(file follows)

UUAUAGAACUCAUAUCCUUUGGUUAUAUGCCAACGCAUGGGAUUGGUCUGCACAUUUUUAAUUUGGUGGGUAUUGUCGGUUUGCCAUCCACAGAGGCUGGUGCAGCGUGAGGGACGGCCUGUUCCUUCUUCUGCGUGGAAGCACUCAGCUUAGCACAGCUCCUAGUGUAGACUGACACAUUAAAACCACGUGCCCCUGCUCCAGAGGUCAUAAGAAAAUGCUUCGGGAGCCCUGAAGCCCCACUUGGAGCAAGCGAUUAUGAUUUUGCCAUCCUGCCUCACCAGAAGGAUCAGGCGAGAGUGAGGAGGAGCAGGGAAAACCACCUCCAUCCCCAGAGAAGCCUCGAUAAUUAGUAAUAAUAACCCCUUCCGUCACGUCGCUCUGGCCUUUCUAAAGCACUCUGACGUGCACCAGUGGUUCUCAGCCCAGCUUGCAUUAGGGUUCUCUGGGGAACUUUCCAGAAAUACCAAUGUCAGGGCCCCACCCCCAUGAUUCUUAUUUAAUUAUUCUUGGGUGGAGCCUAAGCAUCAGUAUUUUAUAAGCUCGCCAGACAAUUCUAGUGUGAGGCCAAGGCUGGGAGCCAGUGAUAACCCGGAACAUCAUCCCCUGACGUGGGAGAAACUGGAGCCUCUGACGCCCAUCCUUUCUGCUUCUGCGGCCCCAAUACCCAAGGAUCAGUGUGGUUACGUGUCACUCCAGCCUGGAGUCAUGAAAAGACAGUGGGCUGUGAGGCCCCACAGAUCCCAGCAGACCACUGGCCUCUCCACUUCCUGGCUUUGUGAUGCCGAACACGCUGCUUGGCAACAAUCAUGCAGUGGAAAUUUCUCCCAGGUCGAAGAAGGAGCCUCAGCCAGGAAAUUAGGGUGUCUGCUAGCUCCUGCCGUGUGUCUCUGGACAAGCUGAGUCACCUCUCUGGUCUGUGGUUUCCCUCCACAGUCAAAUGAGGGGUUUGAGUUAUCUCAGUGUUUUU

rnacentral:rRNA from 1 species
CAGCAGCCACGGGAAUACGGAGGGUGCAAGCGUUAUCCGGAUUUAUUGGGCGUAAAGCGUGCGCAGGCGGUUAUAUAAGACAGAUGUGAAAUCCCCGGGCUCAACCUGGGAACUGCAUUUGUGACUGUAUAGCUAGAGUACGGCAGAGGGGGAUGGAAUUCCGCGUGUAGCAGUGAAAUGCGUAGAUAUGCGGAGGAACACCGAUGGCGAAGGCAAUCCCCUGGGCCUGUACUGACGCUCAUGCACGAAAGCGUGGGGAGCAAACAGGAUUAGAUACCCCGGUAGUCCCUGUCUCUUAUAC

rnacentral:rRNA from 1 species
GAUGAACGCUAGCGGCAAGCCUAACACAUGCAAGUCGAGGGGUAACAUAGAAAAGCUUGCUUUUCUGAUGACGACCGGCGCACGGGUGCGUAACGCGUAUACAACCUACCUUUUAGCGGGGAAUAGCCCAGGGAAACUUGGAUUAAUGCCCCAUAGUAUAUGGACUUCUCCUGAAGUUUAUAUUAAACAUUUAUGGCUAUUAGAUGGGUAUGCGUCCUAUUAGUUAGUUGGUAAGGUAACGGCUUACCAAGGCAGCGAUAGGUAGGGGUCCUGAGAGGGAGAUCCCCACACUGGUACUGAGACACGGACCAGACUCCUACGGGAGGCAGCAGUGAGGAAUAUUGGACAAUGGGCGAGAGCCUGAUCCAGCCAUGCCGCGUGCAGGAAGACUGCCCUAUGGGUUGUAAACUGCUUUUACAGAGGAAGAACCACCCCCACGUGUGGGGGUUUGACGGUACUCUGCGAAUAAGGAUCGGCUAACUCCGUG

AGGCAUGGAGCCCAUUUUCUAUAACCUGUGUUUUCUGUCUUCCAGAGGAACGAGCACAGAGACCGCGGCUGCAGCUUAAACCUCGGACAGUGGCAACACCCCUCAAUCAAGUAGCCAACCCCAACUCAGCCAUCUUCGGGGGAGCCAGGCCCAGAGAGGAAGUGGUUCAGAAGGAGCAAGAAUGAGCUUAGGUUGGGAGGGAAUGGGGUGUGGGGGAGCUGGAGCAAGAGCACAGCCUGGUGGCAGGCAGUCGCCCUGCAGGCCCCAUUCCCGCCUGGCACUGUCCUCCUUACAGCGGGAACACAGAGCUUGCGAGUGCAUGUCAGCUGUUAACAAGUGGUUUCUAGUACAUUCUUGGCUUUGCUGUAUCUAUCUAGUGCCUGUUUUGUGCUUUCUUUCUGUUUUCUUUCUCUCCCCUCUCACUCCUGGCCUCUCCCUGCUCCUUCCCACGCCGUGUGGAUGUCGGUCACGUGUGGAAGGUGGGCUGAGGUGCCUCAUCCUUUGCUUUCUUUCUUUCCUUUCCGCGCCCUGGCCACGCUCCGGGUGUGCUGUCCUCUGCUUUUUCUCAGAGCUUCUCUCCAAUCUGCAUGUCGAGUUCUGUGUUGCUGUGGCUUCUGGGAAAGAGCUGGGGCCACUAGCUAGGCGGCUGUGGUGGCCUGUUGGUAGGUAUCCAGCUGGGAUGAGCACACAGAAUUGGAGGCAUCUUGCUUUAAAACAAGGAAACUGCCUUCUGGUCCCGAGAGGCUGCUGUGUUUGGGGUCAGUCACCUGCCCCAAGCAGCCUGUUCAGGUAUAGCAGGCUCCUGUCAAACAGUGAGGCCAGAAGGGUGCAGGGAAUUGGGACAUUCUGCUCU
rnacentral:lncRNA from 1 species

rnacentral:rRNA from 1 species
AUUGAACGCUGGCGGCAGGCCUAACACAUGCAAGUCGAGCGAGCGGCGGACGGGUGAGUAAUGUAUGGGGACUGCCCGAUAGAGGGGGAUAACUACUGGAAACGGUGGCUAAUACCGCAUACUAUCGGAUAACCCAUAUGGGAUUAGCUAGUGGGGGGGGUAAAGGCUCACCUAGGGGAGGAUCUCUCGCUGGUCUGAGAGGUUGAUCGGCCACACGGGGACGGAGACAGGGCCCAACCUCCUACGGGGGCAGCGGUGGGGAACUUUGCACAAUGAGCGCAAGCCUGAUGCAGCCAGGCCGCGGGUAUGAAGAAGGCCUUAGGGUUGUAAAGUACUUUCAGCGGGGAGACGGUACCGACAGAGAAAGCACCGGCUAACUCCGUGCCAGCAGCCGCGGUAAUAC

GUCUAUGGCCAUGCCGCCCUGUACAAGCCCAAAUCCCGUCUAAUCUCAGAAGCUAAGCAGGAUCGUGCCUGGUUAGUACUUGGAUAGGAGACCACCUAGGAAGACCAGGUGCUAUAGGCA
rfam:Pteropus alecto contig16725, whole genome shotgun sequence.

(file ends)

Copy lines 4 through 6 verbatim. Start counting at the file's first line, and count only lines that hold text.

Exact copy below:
rnacentral:rRNA from 1 species
GAUGAACGCUAGCGGCAAGCCUAACACAUGCAAGUCGAGGGGUAACAUAGAAAAGCUUGCUUUUCUGAUGACGACCGGCGCACGGGUGCGUAACGCGUAUACAACCUACCUUUUAGCGGGGAAUAGCCCAGGGAAACUUGGAUUAAUGCCCCAUAGUAUAUGGACUUCUCCUGAAGUUUAUAUUAAACAUUUAUGGCUAUUAGAUGGGUAUGCGUCCUAUUAGUUAGUUGGUAAGGUAACGGCUUACCAAGGCAGCGAUAGGUAGGGGUCCUGAGAGGGAGAUCCCCACACUGGUACUGAGACACGGACCAGACUCCUACGGGAGGCAGCAGUGAGGAAUAUUGGACAAUGGGCGAGAGCCUGAUCCAGCCAUGCCGCGUGCAGGAAGACUGCCCUAUGGGUUGUAAACUGCUUUUACAGAGGAAGAACCACCCCCACGUGUGGGGGUUUGACGGUACUCUGCGAAUAAGGAUCGGCUAACUCCGUG

AGGCAUGGAGCCCAUUUUCUAUAACCUGUGUUUUCUGUCUUCCAGAGGAACGAGCACAGAGACCGCGGCUGCAGCUUAAACCUCGGACAGUGGCAACACCCCUCAAUCAAGUAGCCAACCCCAACUCAGCCAUCUUCGGGGGAGCCAGGCCCAGAGAGGAAGUGGUUCAGAAGGAGCAAGAAUGAGCUUAGGUUGGGAGGGAAUGGGGUGUGGGGGAGCUGGAGCAAGAGCACAGCCUGGUGGCAGGCAGUCGCCCUGCAGGCCCCAUUCCCGCCUGGCACUGUCCUCCUUACAGCGGGAACACAGAGCUUGCGAGUGCAUGUCAGCUGUUAACAAGUGGUUUCUAGUACAUUCUUGGCUUUGCUGUAUCUAUCUAGUGCCUGUUUUGUGCUUUCUUUCUGUUUUCUUUCUCUCCCCUCUCACUCCUGGCCUCUCCCUGCUCCUUCCCACGCCGUGUGGAUGUCGGUCACGUGUGGAAGGUGGGCUGAGGUGCCUCAUCCUUUGCUUUCUUUCUUUCCUUUCCGCGCCCUGGCCACGCUCCGGGUGUGCUGUCCUCUGCUUUUUCUCAGAGCUUCUCUCCAAUCUGCAUGUCGAGUUCUGUGUUGCUGUGGCUUCUGGGAAAGAGCUGGGGCCACUAGCUAGGCGGCUGUGGUGGCCUGUUGGUAGGUAUCCAGCUGGGAUGAGCACACAGAAUUGGAGGCAUCUUGCUUUAAAACAAGGAAACUGCCUUCUGGUCCCGAGAGGCUGCUGUGUUUGGGGUCAGUCACCUGCCCCAAGCAGCCUGUUCAGGUAUAGCAGGCUCCUGUCAAACAGUGAGGCCAGAAGGGUGCAGGGAAUUGGGACAUUCUGCUCU